Snow has returned to northern Europe, although the forecasters say this year may not be as bad as 2010. I am sure many of you will remember the snow chaos last Christmas. Overall, 35,000 flights were cancelled – more than in the whole of 2009. Tens of thousands of people were stranded. And there were major problems with baggage handling. Over the last twelve months we have had a number of meetings with representatives of major European airports. I made it clear in January that they needed to raise their game. I am pleased to say that their response has been positive. Serious deficiencies and weak links have been identified and are being addressed.
(or stocking-filler suggestions for 2011)
We asked VP Kallas and his team for suggestions as to what those interested in transport – "transport geeks" as they are affectionately called – might think of reading over the Christmas holidays. Here are some of the suggestions/recommended reading [50 KB] as they came in.
The European Commission announced on 1 December 2011 a comprehensive package of measures to help increase the capacity of Europe's airports, reduce delays and improve the quality of services offered to passengers. The measures address the quality of services passengers and airlines receive on the ground before they take off and after they land (for example, baggage handling, check-in, refuelling), the transparency of decisions on airport noise, as well as the efficiency of the complex network of take-off and landing slots that make up every journey.
Progress reports published today on the Single European Sky – far-reaching proposals to put in place a pan-European air traffic management system by 2030 – "set alarm bells ringing." "There is a genuine risk that we will lag behind and find ourselves unable to satisfy the rising demands of air travel, which is set to nearly double by 2030", said European Commission Vice-President Siim Kallas, responsible for transport. "2012 is a make or break year for the Single European Sky and there is a lot at stake. Despite efforts that have been made, the Commission's "traffic light" assessment shows a large majority of Member States in the orange or red zones and at risk of not meeting critical targets for 2012"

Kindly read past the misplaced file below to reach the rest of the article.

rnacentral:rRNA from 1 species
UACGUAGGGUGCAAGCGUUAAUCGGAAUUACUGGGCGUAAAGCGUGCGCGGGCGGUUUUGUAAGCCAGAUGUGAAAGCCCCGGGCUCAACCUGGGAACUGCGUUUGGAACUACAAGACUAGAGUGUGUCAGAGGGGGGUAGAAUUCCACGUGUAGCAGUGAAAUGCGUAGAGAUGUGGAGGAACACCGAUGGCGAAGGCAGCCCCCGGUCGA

The European Commission and Sri Lanka initialled today in Colombo an aviation agreement which will restore a sound legal basis for developing future aviation relations between Sri Lanka and EU Member States.
The Republic of Moldova and the European Union have today initialled a comprehensive air services agreement at a meeting in Chisinau, the capital of the Republic of Moldova. This agreement will open up and integrate the respective markets, strengthen cooperation and offer new opportunities for consumers and airlines. The Republic of Moldova and the EU will develop this "common aviation area" based on common rules in important areas such as aviation safety and security.
Following adoption of the Commission's communication on renewed approach to transport cooperation (see IP/11/844), Vice-President Siim Kallas met transport ministers of the EU Member States and of the six Eastern Partnership countries on 24 and 25 October 2011 in Krakow, to move forward with transport cooperation between the EU and those partner countries.
The Commission adopted on 19 October 2011 a package for a new transport infrastructure policy. It comprises a proposal for theand a proposal for a .
The EU–Russia aviation summit, taking place in St. Petersburg today and tomorrow, aims to enhance political, technical and industrial co-operation between Russia and the EU in the aviation sector. The two partners have a huge potential for strengthening cooperation in aviation which would generate substantial benefits for both sides.
VP Kallas is meeting top-level representatives from the European rail and transport sectors during the inaugural meeting of the rail strategy platform. The platform has been set up to give strategic advice to the Vice-President on moving towards a competitive, sustainable and efficient single European rail area.